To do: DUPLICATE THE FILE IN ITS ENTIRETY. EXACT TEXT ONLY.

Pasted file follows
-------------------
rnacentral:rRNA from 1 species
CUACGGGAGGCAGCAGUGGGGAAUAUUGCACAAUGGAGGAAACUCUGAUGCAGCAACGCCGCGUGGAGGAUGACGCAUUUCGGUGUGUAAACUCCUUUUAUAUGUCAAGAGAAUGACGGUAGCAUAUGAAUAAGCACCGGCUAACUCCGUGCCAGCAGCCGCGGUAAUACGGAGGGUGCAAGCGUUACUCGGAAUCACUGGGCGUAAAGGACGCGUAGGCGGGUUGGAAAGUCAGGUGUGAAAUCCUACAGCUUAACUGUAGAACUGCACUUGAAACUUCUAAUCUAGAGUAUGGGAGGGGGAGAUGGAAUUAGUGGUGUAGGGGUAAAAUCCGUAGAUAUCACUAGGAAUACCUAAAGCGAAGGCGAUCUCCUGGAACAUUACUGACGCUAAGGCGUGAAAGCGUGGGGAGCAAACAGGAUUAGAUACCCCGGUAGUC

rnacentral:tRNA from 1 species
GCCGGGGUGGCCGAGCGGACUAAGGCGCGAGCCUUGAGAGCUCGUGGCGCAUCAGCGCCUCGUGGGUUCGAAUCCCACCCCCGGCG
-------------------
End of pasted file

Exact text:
rnacentral:rRNA from 1 species
CUACGGGAGGCAGCAGUGGGGAAUAUUGCACAAUGGAGGAAACUCUGAUGCAGCAACGCCGCGUGGAGGAUGACGCAUUUCGGUGUGUAAACUCCUUUUAUAUGUCAAGAGAAUGACGGUAGCAUAUGAAUAAGCACCGGCUAACUCCGUGCCAGCAGCCGCGGUAAUACGGAGGGUGCAAGCGUUACUCGGAAUCACUGGGCGUAAAGGACGCGUAGGCGGGUUGGAAAGUCAGGUGUGAAAUCCUACAGCUUAACUGUAGAACUGCACUUGAAACUUCUAAUCUAGAGUAUGGGAGGGGGAGAUGGAAUUAGUGGUGUAGGGGUAAAAUCCGUAGAUAUCACUAGGAAUACCUAAAGCGAAGGCGAUCUCCUGGAACAUUACUGACGCUAAGGCGUGAAAGCGUGGGGAGCAAACAGGAUUAGAUACCCCGGUAGUC

rnacentral:tRNA from 1 species
GCCGGGGUGGCCGAGCGGACUAAGGCGCGAGCCUUGAGAGCUCGUGGCGCAUCAGCGCCUCGUGGGUUCGAAUCCCACCCCCGGCG